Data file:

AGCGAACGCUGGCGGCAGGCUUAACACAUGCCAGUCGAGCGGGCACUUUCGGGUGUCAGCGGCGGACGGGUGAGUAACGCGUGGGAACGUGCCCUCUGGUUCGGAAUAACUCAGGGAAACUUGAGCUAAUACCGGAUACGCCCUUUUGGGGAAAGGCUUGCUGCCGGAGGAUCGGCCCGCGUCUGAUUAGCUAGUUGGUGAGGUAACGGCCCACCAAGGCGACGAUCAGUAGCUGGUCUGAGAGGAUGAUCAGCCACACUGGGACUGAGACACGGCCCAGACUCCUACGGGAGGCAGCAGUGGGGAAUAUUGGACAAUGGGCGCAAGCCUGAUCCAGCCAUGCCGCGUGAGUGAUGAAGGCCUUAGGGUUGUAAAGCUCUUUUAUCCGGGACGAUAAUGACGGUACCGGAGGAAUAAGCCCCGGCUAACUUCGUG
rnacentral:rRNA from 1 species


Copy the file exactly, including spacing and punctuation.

AGCGAACGCUGGCGGCAGGCUUAACACAUGCCAGUCGAGCGGGCACUUUCGGGUGUCAGCGGCGGACGGGUGAGUAACGCGUGGGAACGUGCCCUCUGGUUCGGAAUAACUCAGGGAAACUUGAGCUAAUACCGGAUACGCCCUUUUGGGGAAAGGCUUGCUGCCGGAGGAUCGGCCCGCGUCUGAUUAGCUAGUUGGUGAGGUAACGGCCCACCAAGGCGACGAUCAGUAGCUGGUCUGAGAGGAUGAUCAGCCACACUGGGACUGAGACACGGCCCAGACUCCUACGGGAGGCAGCAGUGGGGAAUAUUGGACAAUGGGCGCAAGCCUGAUCCAGCCAUGCCGCGUGAGUGAUGAAGGCCUUAGGGUUGUAAAGCUCUUUUAUCCGGGACGAUAAUGACGGUACCGGAGGAAUAAGCCCCGGCUAACUUCGUG
rnacentral:rRNA from 1 species